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Comparative Study
, 60 (12), 664-74

Histologic Evaluation of New Attachment Apparatus Formation in Humans. Part I

Comparative Study

Histologic Evaluation of New Attachment Apparatus Formation in Humans. Part I

G M Bowers et al. J Periodontol.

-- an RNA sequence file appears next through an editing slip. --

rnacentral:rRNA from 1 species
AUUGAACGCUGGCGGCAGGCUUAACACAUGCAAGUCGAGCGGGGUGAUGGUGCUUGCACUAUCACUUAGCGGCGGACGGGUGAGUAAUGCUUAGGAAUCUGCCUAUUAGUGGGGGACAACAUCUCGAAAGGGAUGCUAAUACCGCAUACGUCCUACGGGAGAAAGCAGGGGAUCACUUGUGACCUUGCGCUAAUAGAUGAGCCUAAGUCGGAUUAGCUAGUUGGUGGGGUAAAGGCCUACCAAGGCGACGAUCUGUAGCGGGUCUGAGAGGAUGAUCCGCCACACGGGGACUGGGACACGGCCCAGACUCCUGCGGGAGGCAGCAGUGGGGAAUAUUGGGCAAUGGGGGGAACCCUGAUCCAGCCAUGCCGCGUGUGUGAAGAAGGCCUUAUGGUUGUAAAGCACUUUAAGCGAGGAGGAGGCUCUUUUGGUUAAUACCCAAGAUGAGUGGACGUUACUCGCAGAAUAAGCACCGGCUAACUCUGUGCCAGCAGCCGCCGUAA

Part I of this three-part human study evaluated the formation of a new attachment apparatus (bone, cementum, and periodontal ligament) on pathologically exposed root surfaces in an open and closed environment. The most apical level of calculus on the root served as a histologic reference point to measure regeneration on root surfaces exposed to the oral environment. Attempts were made to initiate the formation of a new attachment apparatus by flap curettage, root planing, coronectomy, and submersion of vital roots beneath the mucosa. Nonsubmerged defects were treated by the same surgical technique and served as controls. Biopsies were obtained at 6 months and regeneration was evaluated histometrically by two investigators who were unaware of the treatment performed. Data from 9 patients with 25 submerged and 22 nonsubmerged defects were submitted for statistical analysis. Results indicate that a new attachment apparatus did not form in any of the 22 nonsubmerged teeth; a new attachment apparatus did form in a submerged environment (0.75 mm); significantly more new attachment apparatus (P less than 0.05), new cementum (P less than 0.01), new connective tissue (P less than 0.05), and new bone (P less than 0.02) formed in submerged defects; new cementum was cellular in nature and formed equally well on old cementum and dentin. Greater percent positive regeneration of the attachment apparatus and all component tissues occurred in submerged defects and no extensive root resorption, ankylosis, or pulp death was observed on submerged or nonsubmerged roots.

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